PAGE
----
The Sharks of the Galapagos Islands

The marine wildlife of the Galapagos archipelago is known as a few of the most biodiverse on earth. On the list of vast selection of marine animals are 32 of the world’s 400-plus species of sharks. Actually, the waters that encircle the northwest of the chain, around Darwin and Wolf Islands, are so rich with these intriguing and much-maligned creatures it has been officially designated as the densest population on earth.

The Sharks of Galapagos

The most popular of all species within the waters surrounding the hawaiian islands will be the Scalloped Hammerhead, Bullhead and Whale sharks.

The Whale Shark is so named because of its imposing size and may grow up to a fantastic 18 meters long, although the common size is similar to 12 meters. Weighing up to 15-20 tonnes, these ocean giants prey on plankton, vacuuming up vast levels of water through their mouths and filtering it through their gills, within an ingenious and surprisingly delicate method called filter feeding.

At the other end of the scale range, the Bullhead Shark is the tiniest species of the spot, only growing to in regards to a meter long. It could be discovered by its small stature and unusual spotted markings on its back. This species is the the one that scientists know least about, because of its small range that only extends throughout the archipelago and elements of the west coast of Peru. Actually, although a study project happens to be underway, it’s yet to be determined if the Galapagos species is separate to the Peruvian one.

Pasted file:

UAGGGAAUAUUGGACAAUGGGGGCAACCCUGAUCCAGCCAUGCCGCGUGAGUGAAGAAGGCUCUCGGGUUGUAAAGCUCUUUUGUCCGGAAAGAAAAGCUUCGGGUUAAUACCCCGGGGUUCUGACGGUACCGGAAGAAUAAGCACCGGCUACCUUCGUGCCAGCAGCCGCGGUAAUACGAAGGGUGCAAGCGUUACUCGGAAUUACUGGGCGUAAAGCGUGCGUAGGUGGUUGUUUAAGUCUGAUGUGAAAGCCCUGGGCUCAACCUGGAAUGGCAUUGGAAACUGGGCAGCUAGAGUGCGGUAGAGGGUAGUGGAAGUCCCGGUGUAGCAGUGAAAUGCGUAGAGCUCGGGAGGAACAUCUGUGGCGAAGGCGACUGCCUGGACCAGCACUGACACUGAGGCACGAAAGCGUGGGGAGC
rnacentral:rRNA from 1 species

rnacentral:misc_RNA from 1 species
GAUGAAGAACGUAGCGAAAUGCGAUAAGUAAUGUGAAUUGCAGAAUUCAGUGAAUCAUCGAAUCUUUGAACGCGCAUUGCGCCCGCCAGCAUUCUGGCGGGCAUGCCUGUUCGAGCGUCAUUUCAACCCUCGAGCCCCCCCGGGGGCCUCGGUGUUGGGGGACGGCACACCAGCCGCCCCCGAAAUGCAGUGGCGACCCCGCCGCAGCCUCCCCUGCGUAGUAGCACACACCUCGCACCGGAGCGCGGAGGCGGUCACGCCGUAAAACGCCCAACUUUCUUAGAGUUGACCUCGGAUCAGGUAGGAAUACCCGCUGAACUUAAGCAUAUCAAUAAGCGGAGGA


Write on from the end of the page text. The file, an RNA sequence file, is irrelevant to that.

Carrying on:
Named because of its highly distinctive hammer-shaped appearance, the Scalloped Hammerhead Shark can grow to around four meters and travels the waters around Wolf and Darwin Islands in large schools (up to 100 individuals) – mostly of the species to show this social behavior. The unusual side keeping its eyes affords it an extremely wide angle of view and excellent opportunities for spotting prey in the encompassing waters, but the downside is a blind spot directly before the top. The species feeds on small fish and invertebrates, but will also occasionally dine on smaller sharks.

Threats and Conservation

Along with the perils that include human intervention, including against the law fishing of the archipelago’s waters, the populace is under threat from global climatic influences, a decline of food sources and their own shortcomings in conditions of slow maturation and breeding.

Explore over a Galapagos Cruise and Assist in Conservation

Thankfully, you’ll find so many conservation efforts in destination to help protect the continued survival of the shark population of the Galapagos Islands and, indeed, across the world. Furthermore to education, memberships, and fundraising initiatives (including hammerhead adoption programmes), ecotourism (bringing visitors through on Galapagos cruise itineraries) is assisting to raise knowing of the threats that the species are facing.